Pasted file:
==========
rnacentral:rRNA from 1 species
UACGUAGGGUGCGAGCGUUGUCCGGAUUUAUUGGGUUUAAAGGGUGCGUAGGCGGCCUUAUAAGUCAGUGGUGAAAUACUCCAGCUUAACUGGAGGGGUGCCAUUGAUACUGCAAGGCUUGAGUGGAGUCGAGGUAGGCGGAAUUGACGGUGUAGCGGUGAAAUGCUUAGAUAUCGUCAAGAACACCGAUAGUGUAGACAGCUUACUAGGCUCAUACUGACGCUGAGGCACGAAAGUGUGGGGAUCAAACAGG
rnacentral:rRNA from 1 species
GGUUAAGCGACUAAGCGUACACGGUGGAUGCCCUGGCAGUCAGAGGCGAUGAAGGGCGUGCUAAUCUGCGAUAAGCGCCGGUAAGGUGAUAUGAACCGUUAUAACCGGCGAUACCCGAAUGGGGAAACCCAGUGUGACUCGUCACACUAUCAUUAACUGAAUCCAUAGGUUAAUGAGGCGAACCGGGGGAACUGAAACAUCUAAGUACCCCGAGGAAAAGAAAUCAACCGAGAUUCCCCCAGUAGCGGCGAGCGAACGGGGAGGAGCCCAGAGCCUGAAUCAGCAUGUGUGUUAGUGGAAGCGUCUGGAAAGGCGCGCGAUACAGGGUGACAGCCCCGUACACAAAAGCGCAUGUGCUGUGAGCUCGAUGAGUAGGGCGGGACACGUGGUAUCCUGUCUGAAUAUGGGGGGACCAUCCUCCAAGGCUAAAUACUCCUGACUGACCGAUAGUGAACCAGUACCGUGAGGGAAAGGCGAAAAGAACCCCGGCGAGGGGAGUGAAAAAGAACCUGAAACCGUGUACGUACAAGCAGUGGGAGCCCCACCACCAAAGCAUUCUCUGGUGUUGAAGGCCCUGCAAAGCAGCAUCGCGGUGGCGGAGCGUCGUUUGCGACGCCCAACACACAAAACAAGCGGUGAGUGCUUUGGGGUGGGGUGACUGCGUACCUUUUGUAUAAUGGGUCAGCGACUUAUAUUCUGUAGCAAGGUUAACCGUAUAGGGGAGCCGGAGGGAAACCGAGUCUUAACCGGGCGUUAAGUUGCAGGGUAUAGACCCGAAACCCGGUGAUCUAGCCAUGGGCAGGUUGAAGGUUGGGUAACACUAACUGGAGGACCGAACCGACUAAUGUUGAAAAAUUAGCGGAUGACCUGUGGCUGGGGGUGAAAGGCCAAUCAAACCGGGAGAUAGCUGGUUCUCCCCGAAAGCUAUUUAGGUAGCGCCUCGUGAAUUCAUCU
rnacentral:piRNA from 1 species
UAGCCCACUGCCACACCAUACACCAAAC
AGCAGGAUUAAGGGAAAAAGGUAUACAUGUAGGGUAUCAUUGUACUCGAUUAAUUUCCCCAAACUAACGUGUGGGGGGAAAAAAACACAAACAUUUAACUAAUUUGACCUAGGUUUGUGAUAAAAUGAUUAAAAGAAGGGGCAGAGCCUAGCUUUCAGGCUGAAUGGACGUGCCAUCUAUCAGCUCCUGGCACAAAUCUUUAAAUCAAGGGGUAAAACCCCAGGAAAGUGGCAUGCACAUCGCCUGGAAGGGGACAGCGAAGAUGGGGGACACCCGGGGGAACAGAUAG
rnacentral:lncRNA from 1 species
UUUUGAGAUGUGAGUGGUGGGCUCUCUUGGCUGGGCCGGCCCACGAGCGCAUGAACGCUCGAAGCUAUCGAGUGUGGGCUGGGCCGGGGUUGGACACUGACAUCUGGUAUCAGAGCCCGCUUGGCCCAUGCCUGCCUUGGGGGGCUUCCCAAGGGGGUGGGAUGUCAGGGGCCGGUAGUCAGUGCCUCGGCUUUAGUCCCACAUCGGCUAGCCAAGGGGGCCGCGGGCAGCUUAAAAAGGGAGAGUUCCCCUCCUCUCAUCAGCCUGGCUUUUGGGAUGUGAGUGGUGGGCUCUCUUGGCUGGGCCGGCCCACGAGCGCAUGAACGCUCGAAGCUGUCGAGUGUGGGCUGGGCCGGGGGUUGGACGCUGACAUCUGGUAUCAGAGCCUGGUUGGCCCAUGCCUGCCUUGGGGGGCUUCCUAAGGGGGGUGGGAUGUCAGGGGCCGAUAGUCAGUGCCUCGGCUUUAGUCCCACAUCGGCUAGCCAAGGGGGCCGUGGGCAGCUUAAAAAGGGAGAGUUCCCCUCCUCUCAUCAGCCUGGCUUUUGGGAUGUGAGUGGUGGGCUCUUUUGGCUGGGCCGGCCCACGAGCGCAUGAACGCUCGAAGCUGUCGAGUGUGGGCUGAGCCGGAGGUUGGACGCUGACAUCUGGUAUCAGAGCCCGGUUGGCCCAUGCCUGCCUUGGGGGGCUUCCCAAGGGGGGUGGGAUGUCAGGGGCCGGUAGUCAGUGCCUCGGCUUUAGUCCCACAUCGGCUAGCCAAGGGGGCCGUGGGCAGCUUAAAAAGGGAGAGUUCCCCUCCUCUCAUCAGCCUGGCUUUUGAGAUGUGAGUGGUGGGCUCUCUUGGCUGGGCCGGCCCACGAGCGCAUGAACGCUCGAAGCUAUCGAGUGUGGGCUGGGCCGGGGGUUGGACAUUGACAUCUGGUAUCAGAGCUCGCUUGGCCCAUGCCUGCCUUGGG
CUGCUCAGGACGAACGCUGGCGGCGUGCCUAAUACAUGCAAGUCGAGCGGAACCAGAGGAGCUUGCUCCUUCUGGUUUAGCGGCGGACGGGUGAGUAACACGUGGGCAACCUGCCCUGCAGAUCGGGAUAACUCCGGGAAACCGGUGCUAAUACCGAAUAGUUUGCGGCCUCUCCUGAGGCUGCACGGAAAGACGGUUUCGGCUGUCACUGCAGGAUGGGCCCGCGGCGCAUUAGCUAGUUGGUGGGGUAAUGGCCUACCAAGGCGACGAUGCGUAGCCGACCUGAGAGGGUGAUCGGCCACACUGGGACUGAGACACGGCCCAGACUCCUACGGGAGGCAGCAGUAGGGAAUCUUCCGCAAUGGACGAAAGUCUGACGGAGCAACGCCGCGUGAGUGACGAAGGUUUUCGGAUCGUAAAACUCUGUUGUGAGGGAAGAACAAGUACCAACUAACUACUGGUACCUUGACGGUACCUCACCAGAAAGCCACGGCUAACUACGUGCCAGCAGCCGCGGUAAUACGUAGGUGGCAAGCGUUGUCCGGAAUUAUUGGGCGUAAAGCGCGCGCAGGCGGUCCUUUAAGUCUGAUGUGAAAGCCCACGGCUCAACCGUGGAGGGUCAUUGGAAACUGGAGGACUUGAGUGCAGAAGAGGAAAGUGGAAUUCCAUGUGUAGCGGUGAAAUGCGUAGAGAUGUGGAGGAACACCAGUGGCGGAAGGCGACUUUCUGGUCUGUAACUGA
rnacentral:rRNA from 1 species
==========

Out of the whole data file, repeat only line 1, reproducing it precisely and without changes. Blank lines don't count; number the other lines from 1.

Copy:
rnacentral:rRNA from 1 species